Girois, S., Chapuis, F., Decullier, E. & Revol, B. Adverse effects of antifungal therapies in invasive fungal infections: review and meta-analysis. European Journal of Clinical Microbiology and Infectious Diseases 25, 138 (2006).
Liu, C. M. et al. FungiQuant: a broad-coverage fungal quantitative real-time PCR assay. BMC microbiology 12, 255 (2012).
Morgan, J. E. et al. Critical review of current clinical practice guidelines for antifungal therapy in paediatric haematology and oncology. Supportive Care in Cancer 25, 221–228 (2017).
Schoch, C. L. et al. Nuclear ribosomal internal transcribed spacer (ITS) region as a universal DNA barcode marker for Fungi. Proceedings of the National Academy of Sciences 109, 6241–6246 (2012).
Dromer, F. & McGinnis, M. R. Zygomycosis, p. 297–308. In M. A. Pfaller (ed.), Clinical mycology. Churchill Livingstone, New York, N.Y. (2002).
Robert-Gangneux, F. et al. Diagnosis of Pneumocystis jirovecii pneumonia in immunocompromised patients by real-time PCR: a 4-year prospective study. Journal of clinical microbiology 52, 3370–3376 (2014).
Feldman, M. Y. Reactions of nucleic acids and nucleodroteins with formaldehyde. Progress in nucleic acid research and molecular biology 13, 1–49 (1973).
Shao, W., Khin, S. & Kopp, W. C. Characterization of effect of repeated freeze and thaw cycles on stability of genomic DNA using pulsed field gel electrophoresis. Biopreservation and biobanking 10, 4–11 (2012).
Bidartondo, M. Preserving accuracy in GenBank. Science 319, 1616–1616 (2008).
Quast, C. et al. The SILVA ribosomal RNA gene database project: improved data processing and web-based tools. Nucleic Acids Research 41, D590–D596, https://doi.org/10.1093/nar/gks1219 (2013).
Ciardo, D., Schär, G., Böttger, E., Altwegg, M. & Bosshard, P. Internal transcribed spacer sequencing versus biochemical profiling for identification of medically important yeasts. Journal of clinical microbiology 44, 77–84 (2006).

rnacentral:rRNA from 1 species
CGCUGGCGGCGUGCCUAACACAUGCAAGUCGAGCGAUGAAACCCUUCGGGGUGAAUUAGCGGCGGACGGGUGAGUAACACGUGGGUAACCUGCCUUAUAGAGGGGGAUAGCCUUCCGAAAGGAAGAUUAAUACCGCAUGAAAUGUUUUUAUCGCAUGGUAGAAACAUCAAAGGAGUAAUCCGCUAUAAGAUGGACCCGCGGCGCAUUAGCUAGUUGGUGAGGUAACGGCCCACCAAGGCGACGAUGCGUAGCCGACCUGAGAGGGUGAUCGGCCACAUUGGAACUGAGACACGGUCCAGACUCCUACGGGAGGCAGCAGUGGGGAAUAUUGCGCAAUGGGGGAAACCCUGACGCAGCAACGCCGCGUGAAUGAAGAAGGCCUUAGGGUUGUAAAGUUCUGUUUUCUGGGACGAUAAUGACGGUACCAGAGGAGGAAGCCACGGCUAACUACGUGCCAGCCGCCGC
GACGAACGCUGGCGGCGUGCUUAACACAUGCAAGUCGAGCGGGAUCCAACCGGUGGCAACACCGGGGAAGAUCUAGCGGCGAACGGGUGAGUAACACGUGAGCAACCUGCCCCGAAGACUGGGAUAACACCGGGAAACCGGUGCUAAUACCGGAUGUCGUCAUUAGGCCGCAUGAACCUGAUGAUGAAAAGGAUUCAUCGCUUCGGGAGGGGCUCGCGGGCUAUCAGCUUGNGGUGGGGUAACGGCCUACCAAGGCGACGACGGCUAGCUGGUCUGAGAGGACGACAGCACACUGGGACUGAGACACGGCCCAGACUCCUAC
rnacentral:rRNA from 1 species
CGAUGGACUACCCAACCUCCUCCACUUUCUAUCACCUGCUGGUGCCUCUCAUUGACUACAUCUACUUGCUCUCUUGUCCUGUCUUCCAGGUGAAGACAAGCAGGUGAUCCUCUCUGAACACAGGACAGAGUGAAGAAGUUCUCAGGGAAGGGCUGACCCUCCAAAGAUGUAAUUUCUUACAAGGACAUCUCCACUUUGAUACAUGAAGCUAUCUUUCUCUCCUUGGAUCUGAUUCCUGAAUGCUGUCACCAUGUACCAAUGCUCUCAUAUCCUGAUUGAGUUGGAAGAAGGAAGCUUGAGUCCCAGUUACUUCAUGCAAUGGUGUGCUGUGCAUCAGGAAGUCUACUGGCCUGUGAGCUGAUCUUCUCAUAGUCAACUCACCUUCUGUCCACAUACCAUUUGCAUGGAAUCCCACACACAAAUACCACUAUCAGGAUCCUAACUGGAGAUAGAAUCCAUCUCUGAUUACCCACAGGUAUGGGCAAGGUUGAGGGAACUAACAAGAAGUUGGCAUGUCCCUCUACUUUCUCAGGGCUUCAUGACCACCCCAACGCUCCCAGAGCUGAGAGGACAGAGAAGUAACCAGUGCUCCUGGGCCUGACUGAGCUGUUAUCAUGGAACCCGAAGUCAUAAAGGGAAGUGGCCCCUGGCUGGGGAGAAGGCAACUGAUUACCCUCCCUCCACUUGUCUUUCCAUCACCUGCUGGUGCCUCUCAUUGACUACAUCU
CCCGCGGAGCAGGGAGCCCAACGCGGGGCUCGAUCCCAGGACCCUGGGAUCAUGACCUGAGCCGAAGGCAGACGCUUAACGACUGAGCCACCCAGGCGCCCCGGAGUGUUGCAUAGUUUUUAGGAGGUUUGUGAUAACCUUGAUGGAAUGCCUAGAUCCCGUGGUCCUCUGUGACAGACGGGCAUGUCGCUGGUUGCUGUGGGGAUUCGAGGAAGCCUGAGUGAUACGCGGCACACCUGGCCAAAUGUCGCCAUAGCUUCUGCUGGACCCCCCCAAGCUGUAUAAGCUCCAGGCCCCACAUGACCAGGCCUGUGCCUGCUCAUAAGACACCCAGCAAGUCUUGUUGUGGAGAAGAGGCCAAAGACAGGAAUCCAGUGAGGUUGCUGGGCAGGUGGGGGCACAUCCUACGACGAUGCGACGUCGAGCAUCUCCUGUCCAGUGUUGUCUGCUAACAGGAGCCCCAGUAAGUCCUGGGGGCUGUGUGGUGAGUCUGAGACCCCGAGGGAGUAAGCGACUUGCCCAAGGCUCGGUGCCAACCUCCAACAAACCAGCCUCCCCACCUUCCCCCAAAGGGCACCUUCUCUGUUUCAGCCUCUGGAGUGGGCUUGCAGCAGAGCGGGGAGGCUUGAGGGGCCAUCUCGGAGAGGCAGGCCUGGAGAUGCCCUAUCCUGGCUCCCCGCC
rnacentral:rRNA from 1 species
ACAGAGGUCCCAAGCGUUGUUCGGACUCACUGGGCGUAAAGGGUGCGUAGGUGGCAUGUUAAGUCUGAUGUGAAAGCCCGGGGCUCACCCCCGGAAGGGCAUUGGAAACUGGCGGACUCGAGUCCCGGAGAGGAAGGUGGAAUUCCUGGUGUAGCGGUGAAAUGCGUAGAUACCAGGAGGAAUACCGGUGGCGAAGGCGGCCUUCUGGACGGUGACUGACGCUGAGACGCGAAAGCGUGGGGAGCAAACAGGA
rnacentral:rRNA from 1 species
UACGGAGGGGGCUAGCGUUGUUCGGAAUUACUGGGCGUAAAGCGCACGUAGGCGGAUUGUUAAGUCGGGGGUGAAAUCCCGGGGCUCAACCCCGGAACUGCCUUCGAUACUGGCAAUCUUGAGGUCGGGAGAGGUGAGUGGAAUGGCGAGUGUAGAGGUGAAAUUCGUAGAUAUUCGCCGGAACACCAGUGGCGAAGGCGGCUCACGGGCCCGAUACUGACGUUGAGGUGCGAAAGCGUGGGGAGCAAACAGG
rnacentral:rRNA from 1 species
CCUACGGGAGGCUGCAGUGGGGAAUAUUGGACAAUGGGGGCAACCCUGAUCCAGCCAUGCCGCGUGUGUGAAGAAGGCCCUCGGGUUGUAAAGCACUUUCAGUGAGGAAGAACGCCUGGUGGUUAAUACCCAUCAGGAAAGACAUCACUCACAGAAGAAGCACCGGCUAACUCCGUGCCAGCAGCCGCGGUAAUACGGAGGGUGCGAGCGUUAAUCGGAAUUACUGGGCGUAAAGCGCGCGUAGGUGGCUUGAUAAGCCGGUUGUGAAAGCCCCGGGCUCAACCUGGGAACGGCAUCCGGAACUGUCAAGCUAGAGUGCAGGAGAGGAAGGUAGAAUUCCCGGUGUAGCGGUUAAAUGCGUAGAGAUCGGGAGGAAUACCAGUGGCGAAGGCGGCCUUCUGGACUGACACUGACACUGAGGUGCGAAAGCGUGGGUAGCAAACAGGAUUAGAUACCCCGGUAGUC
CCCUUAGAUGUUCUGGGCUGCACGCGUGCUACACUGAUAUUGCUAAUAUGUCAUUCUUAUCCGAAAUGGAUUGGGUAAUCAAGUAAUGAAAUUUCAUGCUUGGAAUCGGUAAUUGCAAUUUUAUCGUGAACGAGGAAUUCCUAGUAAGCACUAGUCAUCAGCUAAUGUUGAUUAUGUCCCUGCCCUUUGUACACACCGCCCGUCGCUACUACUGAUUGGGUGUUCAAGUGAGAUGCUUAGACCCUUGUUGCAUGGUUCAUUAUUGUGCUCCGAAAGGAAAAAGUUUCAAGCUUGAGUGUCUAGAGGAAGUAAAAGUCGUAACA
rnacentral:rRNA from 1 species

Ciardo, D. E., Lucke, K., Imhof, A., Bloemberg, G. V. & Böttger, E. C. Systematic internal transcribed spacer sequence analysis for identification of clinical mold isolates in diagnostic mycology: a 5-year study. Journal of clinical microbiology 48, 2809–2813 (2010).
de Hoog, G. S., Guarro, J., Gené J. & Figueras, M. J. Atlas of clinical fungi, electronic version 3.1. Utrecht: Centraalbureau voor Schimmelcultures; 2011. http://www.cbs.knaw.nl/ (2011).
Loeffler, J. et al. Contaminations occurring in fungal PCR assays. Journal of clinical microbiology 37, 1200–1202 (1999).
Cohen, J. A coefficient of agreement for nominal scales. Educational and psychological measurement 20, 37–46 (1960).
Landis, J. R. & Koch, G. G. The measurement of observer agreement for categorical data. biometrics, 159–174 (1977).
We thank the technicians of the Institute of Medical Microbiology for expert help and assistance. We thank the Institute of Medical Microbiology, University of Zurich, for continuous support. We are grateful to Erik C. Böttger for critical reading of the manuscript.
The authors declare no competing interests.
Publisher's note: Springer Nature remains neutral with regard to jurisdictional claims in published maps and institutional affiliations.
Electronic supplementary material
About this article
Cite this article
Wagner, K., Springer, B., Pires, V.P. et al. Molecular detection of fungal pathogens in clinical specimens by 18S rDNA high-throughput screening in comparison to ITS PCR and culture. Sci Rep 8, 6964 (2018). https://doi.org/10.1038/s41598-018-25129-w
DAMIAN: an open source bioinformatics tool for fast, systematic and cohort based analysis of microorganisms in diagnostic samples
Scientific Reports (2019)
Nature Reviews Genetics (2019)